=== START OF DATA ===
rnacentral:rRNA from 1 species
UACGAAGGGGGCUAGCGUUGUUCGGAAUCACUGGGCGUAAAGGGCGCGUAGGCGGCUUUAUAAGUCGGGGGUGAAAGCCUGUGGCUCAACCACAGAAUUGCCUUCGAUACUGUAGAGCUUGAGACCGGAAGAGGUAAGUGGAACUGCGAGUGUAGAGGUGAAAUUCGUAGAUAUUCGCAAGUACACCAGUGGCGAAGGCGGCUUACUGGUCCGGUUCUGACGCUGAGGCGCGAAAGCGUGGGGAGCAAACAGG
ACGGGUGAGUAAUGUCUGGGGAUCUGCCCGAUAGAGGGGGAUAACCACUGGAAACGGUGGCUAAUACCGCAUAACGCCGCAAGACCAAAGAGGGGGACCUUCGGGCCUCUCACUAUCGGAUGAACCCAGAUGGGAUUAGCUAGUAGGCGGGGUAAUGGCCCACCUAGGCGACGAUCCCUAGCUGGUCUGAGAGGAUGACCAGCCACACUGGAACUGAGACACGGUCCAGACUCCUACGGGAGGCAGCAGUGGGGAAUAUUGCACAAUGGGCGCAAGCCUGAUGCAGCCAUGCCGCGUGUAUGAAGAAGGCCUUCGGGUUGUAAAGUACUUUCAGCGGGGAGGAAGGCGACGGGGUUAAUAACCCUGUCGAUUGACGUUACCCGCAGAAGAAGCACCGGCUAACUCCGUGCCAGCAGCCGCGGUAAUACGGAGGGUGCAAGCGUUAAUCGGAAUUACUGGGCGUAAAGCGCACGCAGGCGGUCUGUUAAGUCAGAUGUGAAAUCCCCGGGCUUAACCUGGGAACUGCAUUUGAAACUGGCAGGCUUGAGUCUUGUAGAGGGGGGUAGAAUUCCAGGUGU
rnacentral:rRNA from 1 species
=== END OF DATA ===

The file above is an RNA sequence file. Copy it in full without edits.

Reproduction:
rnacentral:rRNA from 1 species
UACGAAGGGGGCUAGCGUUGUUCGGAAUCACUGGGCGUAAAGGGCGCGUAGGCGGCUUUAUAAGUCGGGGGUGAAAGCCUGUGGCUCAACCACAGAAUUGCCUUCGAUACUGUAGAGCUUGAGACCGGAAGAGGUAAGUGGAACUGCGAGUGUAGAGGUGAAAUUCGUAGAUAUUCGCAAGUACACCAGUGGCGAAGGCGGCUUACUGGUCCGGUUCUGACGCUGAGGCGCGAAAGCGUGGGGAGCAAACAGG
ACGGGUGAGUAAUGUCUGGGGAUCUGCCCGAUAGAGGGGGAUAACCACUGGAAACGGUGGCUAAUACCGCAUAACGCCGCAAGACCAAAGAGGGGGACCUUCGGGCCUCUCACUAUCGGAUGAACCCAGAUGGGAUUAGCUAGUAGGCGGGGUAAUGGCCCACCUAGGCGACGAUCCCUAGCUGGUCUGAGAGGAUGACCAGCCACACUGGAACUGAGACACGGUCCAGACUCCUACGGGAGGCAGCAGUGGGGAAUAUUGCACAAUGGGCGCAAGCCUGAUGCAGCCAUGCCGCGUGUAUGAAGAAGGCCUUCGGGUUGUAAAGUACUUUCAGCGGGGAGGAAGGCGACGGGGUUAAUAACCCUGUCGAUUGACGUUACCCGCAGAAGAAGCACCGGCUAACUCCGUGCCAGCAGCCGCGGUAAUACGGAGGGUGCAAGCGUUAAUCGGAAUUACUGGGCGUAAAGCGCACGCAGGCGGUCUGUUAAGUCAGAUGUGAAAUCCCCGGGCUUAACCUGGGAACUGCAUUUGAAACUGGCAGGCUUGAGUCUUGUAGAGGGGGGUAGAAUUCCAGGUGU
rnacentral:rRNA from 1 species